As the physical border between Hong Kong and mainland China appears to blur, the space for dissenting views is rapidly shrinking, too. Last month, authorities in Hong Kong barred Victor Mallet, a British journalist working for the Financial Times, from entering the city after refusing to renew his work visa in October. Officials have offered no explanation for denying Mallet’s visa. But his difficulties arose only after he moderated a panel in August at the Hong Kong Foreign Correspondents’ Club with Andy Chan Ho-tin, a pro-independence activist, despite demands by Hong Kong and Beijing officials to cancel the event. Chan’s Hong Kong National Party was banned in September by the government on national-security grounds, the first such expulsion since the 1997 reunification.
Additionally, a show by a well-known Chinese political artist, Badiucao, scheduled as part of a week of free-expression events was abruptly pulled after “threats made by the Chinese authorities relating to the artist,” organizers said. And Ma Jian, a Chinese dissident writer, had two of his Hong Kong International Literary Festival speaking events at a government-backed arts center canceled. The venue said it did not want to be a platform for “political interests,” but ultimately reversed course and allowed the author to speak after outcry from free-speech advocates.
And last week, the trial of nine leaders of the 2014 pro-democracy “Occupy” protests continued. They are facing public-nuisance charges in closely watched proceedings that underscore Beijing’s efforts to politicize Hong Kong’s courts. Each faces up to seven years in prison and has pleaded not guilty. The trial marks a continuation of the legal fallout for those behind the “Umbrella Movement,” which brought tens of thousands of demonstrators into the streets of Hong Kong for rallies that drew comparisons to Beijing's Tiananmen Square protests of 1989.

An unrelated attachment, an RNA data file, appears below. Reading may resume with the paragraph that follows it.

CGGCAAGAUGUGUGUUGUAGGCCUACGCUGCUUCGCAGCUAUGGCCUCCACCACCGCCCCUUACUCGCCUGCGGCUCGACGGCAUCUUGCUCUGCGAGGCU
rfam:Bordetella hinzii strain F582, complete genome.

Read: Hong Kong’s enduring identity crisis
“The whole thing is to make sure that Hong Kong is not a particularly outstanding identity at the end of the day,” Claudia Mo, a pro-democracy Hong Kong lawmaker who has been a vocal critic of the infrastructure projects and an outspoken press-freedom advocate, told me.
People in Hong Kong say they have few options of recourse through the political system. There are no free elections in selecting the region’s highest office; instead, Beijing wields significant influence on who gets the job, and what his agenda will be. “If they want something done in Hong Kong,” Mo said, referring to Chinese authorities, “they just do it.”
Despite these grievances, Hong Kong maintains a complicated, and codependent, relationship with the mainland. China has been Hong Kong’s largest trading partner for more than 30 years and, in turn, Hong Kong is China’s third-largest trading partner, behind only the United States and Japan. The quasi-autonomous city has long served as an important bridge between the mainland and the larger global economy, and so preserving its political status is also expedient for Beijing. But there are fears that as Chinese cities like Shanghai grow in importance, Hong Kong’s position—and the freedom that comes with it—will diminish.